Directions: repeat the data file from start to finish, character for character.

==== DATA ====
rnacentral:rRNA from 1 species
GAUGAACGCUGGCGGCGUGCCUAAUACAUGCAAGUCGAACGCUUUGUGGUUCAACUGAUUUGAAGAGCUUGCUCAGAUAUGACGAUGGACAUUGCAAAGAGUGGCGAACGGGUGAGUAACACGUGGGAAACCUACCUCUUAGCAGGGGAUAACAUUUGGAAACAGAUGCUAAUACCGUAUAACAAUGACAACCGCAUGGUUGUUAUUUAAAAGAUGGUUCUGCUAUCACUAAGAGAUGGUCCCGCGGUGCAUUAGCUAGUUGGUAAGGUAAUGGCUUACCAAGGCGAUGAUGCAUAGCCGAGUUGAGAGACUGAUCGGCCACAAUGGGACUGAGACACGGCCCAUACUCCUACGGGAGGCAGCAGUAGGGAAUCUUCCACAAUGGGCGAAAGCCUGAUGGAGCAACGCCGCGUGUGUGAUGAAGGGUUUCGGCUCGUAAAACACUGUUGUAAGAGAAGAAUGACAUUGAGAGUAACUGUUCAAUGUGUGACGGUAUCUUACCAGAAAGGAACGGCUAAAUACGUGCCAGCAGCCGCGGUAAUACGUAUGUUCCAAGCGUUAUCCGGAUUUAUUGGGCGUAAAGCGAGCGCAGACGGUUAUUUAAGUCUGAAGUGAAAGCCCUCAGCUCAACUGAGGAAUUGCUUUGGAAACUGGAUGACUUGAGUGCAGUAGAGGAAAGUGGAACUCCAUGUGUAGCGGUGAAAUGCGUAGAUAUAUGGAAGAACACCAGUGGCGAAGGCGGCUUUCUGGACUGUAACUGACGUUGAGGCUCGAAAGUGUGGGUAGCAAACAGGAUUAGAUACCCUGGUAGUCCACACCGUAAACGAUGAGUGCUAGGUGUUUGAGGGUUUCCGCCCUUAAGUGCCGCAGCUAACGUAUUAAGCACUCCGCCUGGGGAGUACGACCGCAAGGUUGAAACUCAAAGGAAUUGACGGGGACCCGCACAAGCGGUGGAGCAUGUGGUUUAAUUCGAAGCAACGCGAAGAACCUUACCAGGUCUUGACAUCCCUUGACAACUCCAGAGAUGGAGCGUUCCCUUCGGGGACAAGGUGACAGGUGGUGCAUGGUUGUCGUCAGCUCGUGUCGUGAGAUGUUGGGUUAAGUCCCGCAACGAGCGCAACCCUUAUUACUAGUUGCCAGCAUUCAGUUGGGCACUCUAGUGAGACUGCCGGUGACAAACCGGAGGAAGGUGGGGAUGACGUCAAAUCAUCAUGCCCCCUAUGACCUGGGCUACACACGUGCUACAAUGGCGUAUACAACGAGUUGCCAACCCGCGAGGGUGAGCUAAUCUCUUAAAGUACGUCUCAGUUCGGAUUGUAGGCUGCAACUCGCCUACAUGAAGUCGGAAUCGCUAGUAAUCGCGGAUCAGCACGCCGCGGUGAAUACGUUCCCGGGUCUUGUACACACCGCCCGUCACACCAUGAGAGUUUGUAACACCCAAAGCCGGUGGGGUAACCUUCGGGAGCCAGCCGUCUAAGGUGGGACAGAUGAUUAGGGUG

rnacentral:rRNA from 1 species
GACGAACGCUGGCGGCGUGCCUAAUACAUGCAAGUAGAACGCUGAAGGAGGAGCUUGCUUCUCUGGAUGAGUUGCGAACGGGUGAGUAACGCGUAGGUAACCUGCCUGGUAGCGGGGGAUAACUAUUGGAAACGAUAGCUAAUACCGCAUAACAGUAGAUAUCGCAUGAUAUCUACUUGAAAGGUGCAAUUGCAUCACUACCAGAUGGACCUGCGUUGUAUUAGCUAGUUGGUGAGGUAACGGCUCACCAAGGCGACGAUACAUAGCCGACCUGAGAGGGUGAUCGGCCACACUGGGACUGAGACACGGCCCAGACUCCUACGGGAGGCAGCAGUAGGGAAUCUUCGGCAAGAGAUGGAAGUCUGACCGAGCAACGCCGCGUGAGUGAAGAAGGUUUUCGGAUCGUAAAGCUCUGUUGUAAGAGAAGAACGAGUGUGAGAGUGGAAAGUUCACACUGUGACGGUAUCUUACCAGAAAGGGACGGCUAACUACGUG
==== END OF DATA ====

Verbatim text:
rnacentral:rRNA from 1 species
GAUGAACGCUGGCGGCGUGCCUAAUACAUGCAAGUCGAACGCUUUGUGGUUCAACUGAUUUGAAGAGCUUGCUCAGAUAUGACGAUGGACAUUGCAAAGAGUGGCGAACGGGUGAGUAACACGUGGGAAACCUACCUCUUAGCAGGGGAUAACAUUUGGAAACAGAUGCUAAUACCGUAUAACAAUGACAACCGCAUGGUUGUUAUUUAAAAGAUGGUUCUGCUAUCACUAAGAGAUGGUCCCGCGGUGCAUUAGCUAGUUGGUAAGGUAAUGGCUUACCAAGGCGAUGAUGCAUAGCCGAGUUGAGAGACUGAUCGGCCACAAUGGGACUGAGACACGGCCCAUACUCCUACGGGAGGCAGCAGUAGGGAAUCUUCCACAAUGGGCGAAAGCCUGAUGGAGCAACGCCGCGUGUGUGAUGAAGGGUUUCGGCUCGUAAAACACUGUUGUAAGAGAAGAAUGACAUUGAGAGUAACUGUUCAAUGUGUGACGGUAUCUUACCAGAAAGGAACGGCUAAAUACGUGCCAGCAGCCGCGGUAAUACGUAUGUUCCAAGCGUUAUCCGGAUUUAUUGGGCGUAAAGCGAGCGCAGACGGUUAUUUAAGUCUGAAGUGAAAGCCCUCAGCUCAACUGAGGAAUUGCUUUGGAAACUGGAUGACUUGAGUGCAGUAGAGGAAAGUGGAACUCCAUGUGUAGCGGUGAAAUGCGUAGAUAUAUGGAAGAACACCAGUGGCGAAGGCGGCUUUCUGGACUGUAACUGACGUUGAGGCUCGAAAGUGUGGGUAGCAAACAGGAUUAGAUACCCUGGUAGUCCACACCGUAAACGAUGAGUGCUAGGUGUUUGAGGGUUUCCGCCCUUAAGUGCCGCAGCUAACGUAUUAAGCACUCCGCCUGGGGAGUACGACCGCAAGGUUGAAACUCAAAGGAAUUGACGGGGACCCGCACAAGCGGUGGAGCAUGUGGUUUAAUUCGAAGCAACGCGAAGAACCUUACCAGGUCUUGACAUCCCUUGACAACUCCAGAGAUGGAGCGUUCCCUUCGGGGACAAGGUGACAGGUGGUGCAUGGUUGUCGUCAGCUCGUGUCGUGAGAUGUUGGGUUAAGUCCCGCAACGAGCGCAACCCUUAUUACUAGUUGCCAGCAUUCAGUUGGGCACUCUAGUGAGACUGCCGGUGACAAACCGGAGGAAGGUGGGGAUGACGUCAAAUCAUCAUGCCCCCUAUGACCUGGGCUACACACGUGCUACAAUGGCGUAUACAACGAGUUGCCAACCCGCGAGGGUGAGCUAAUCUCUUAAAGUACGUCUCAGUUCGGAUUGUAGGCUGCAACUCGCCUACAUGAAGUCGGAAUCGCUAGUAAUCGCGGAUCAGCACGCCGCGGUGAAUACGUUCCCGGGUCUUGUACACACCGCCCGUCACACCAUGAGAGUUUGUAACACCCAAAGCCGGUGGGGUAACCUUCGGGAGCCAGCCGUCUAAGGUGGGACAGAUGAUUAGGGUG

rnacentral:rRNA from 1 species
GACGAACGCUGGCGGCGUGCCUAAUACAUGCAAGUAGAACGCUGAAGGAGGAGCUUGCUUCUCUGGAUGAGUUGCGAACGGGUGAGUAACGCGUAGGUAACCUGCCUGGUAGCGGGGGAUAACUAUUGGAAACGAUAGCUAAUACCGCAUAACAGUAGAUAUCGCAUGAUAUCUACUUGAAAGGUGCAAUUGCAUCACUACCAGAUGGACCUGCGUUGUAUUAGCUAGUUGGUGAGGUAACGGCUCACCAAGGCGACGAUACAUAGCCGACCUGAGAGGGUGAUCGGCCACACUGGGACUGAGACACGGCCCAGACUCCUACGGGAGGCAGCAGUAGGGAAUCUUCGGCAAGAGAUGGAAGUCUGACCGAGCAACGCCGCGUGAGUGAAGAAGGUUUUCGGAUCGUAAAGCUCUGUUGUAAGAGAAGAACGAGUGUGAGAGUGGAAAGUUCACACUGUGACGGUAUCUUACCAGAAAGGGACGGCUAACUACGUG